Indiana Daily Student

Black Voices: True activists understand why they are fighting

<p>A protestor holds a sign that reads &quot;Black Lives Matter&quot; Oct. 27, 2020, in Philadelphia. </p>

A protestor holds a sign that reads "Black Lives Matter" Oct. 27, 2020, in Philadelphia.

“Work” is  one short word that bears the burden of many different facets of life, most recently referring to the work of activists.

The first week of January, I was offered a character role in a play being read for consideration by the regional Kennedy Center American College Theatre Festival. The play, “Outraged,” was written by IU MFA Playwriting Candidate Jayne Deely.

The play centers around the concept of moral outrage and how it plays into activism, especially for white or white-passing people. One of the ideas presented by the characters in the play is the idea of outrage as an outward presentation of inward guilt.

According to recent research by Lucas A. Keefer, a psychology professor at the University of Southern Mississippi, and Zachary Rothschild, a psychology professor at Bowdoin College, the conventional understanding of moral outrage – selfless concern for the well-being of a third-party group – should be reexamined.

The hypothesis that led them to conduct five separate studies reinvented moral outrage as a response to a feeling of complicity. They published the results of the studies in the psychology journal “Motivation and Emotion” in early 2017. The paper was titled “A cleansing fire: Moral outrage alleviates guilt and buffers threats to one’s moral identity.”

Deely notes as human beings we tend toward defensiveness especially when told we’re in the wrong because our self-worth is often tied to the idea of being right or good.

“I think if we can normalize being corrected and making adjustments, and accepting that none of us have escaped systemic racism, and separate this process from our worth as humans, we might see real change, but the second people are in defensive mode they are no longer listening,” Deely said.

The best part about writing “Outraged,” Deely said, was taking all the questions they ask themself on a daily basis and putting them into a play to pose them to audiences. As a result, there were conversations around outrage, activism and the intersections that lay between them.

Deely began writing this play in early 2020, before many of the events that spurred a renewed interest in activism from those outside the affected communities. In last year’s case, namely Black people with the Black Lives Matter movement.

I was asked to play Toni — a shy, 19-year-old Black college sophomore. Throughout the play, Toni discusses moral outrage, her class’s semester topic, with the associate instructor Paul, a white man, and Shea, her classmate, a white woman in her senior year.

Shea is an outspoken, self-proclaimed feminist, but one who is perhaps more out of touch than she is aware of. Though she believes her outrage to be selfless and her activism pure, she is not prepared to put in the work to make social change.

When I spoke with Deely, they said they were inspired to write this piece because of what was happening at the time in the IU theatre department.

“I was looking at fairly easy opportunities to change the climate of the department that were being missed and how it seemed to me that the culprit was often not a lack of understanding of the problem or an active desire to not change, but more the result of making the easier choice,” they said.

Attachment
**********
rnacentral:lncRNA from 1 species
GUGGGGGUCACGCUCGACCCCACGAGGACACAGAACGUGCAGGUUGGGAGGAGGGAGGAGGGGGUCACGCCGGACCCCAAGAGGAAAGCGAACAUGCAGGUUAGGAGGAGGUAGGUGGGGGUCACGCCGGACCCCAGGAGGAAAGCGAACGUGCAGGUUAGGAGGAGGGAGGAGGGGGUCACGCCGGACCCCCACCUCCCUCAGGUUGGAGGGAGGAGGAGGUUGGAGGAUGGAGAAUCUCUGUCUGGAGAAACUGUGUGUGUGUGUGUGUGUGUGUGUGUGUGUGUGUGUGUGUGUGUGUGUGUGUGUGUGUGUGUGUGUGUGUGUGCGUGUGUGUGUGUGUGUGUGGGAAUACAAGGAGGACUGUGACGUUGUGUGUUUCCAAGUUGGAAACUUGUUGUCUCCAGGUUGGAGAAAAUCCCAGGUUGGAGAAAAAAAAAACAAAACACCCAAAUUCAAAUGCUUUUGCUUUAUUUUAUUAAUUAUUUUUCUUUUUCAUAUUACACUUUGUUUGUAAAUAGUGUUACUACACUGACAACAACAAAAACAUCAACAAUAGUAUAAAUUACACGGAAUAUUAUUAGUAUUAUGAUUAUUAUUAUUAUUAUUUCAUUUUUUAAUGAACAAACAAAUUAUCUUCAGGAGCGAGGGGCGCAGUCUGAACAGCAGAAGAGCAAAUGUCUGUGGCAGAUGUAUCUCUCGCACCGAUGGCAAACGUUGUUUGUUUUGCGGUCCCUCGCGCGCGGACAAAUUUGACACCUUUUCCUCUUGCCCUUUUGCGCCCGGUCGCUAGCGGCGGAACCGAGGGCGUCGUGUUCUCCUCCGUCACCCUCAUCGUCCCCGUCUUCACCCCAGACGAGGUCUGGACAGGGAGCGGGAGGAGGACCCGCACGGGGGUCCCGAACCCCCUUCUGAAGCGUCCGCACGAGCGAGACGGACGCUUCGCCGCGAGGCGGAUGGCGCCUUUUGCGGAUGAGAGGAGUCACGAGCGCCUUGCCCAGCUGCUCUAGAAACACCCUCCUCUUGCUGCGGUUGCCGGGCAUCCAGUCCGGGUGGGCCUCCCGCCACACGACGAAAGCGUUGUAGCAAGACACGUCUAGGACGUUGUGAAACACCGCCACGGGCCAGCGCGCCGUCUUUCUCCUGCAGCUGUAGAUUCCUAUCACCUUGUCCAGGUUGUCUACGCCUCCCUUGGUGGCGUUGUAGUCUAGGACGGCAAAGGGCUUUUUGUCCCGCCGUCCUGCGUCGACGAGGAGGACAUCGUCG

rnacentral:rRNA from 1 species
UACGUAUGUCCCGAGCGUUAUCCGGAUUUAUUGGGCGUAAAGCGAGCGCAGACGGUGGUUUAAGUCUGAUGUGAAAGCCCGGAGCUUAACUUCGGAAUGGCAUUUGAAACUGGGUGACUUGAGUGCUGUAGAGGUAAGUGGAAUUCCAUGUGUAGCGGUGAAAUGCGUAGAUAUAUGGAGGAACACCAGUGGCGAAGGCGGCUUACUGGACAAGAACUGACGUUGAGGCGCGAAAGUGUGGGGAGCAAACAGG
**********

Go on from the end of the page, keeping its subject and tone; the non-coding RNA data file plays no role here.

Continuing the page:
As a Puerto Rican, a queer person and someone who has worked in sexual violence prevention, they are familiar with the concept of de-centering self and genuinely putting in the effort to make changes where they see them.

Deely’s work often presents itself in theatre.

“It’s my belief that as artists our power lies in using our art to respond to the injustices around us, Deely said. I believe theatre can create change, so to me it makes the most sense to use the thing I’ve devoted my life to as the tool to respond.” 

Though Deely is a proud Puerto Rican, they recognize the privilege they have by being fair-skinned—a white-adjacent privilege that is not afforded to many members of their family.

Part of Deely’s work has been adjusting to and recognizing the privilege they have and exploring when it is appropriate to name their Latinx heritage, while not using it to distance themself from the privilege of having light skin.

As a light-skinned Black woman, I have come up against my fair share of privilege. I am very clearly Black but have a different kind of privilege that is born of colorism, and by proxy, racism. It does not always seem like much, but it does exist.

This kind of awareness is what brings us closer to eliminating systemic racism from our country and our world. It is not enough for BIPOC people to be the only ones aware of systemic racism. While we may benefit from it in small ways, white people must become aware of systemic racism as well.

In order to properly do the “work,” white people, you must de-center yourselves. You must recognize the fight against systemic racism is not an attack on you. These systems were put in place before you were even considered. You benefit from them while others are held back by them.

Understand and accept that, and work to level the playing field.

It is okay to not know where to start. The most important thing is to start, and to continue even when it gets hard, is inconvenient or causes you to sacrifice things.

In “Outraged,” Deely wrestles with these questions themself and leaves the conversation to continue with their audience.

“Ultimately, I’m very aware that this is a play with a message for white people,” they said. “‘You don’t have the answers, I swear you don’t.’”

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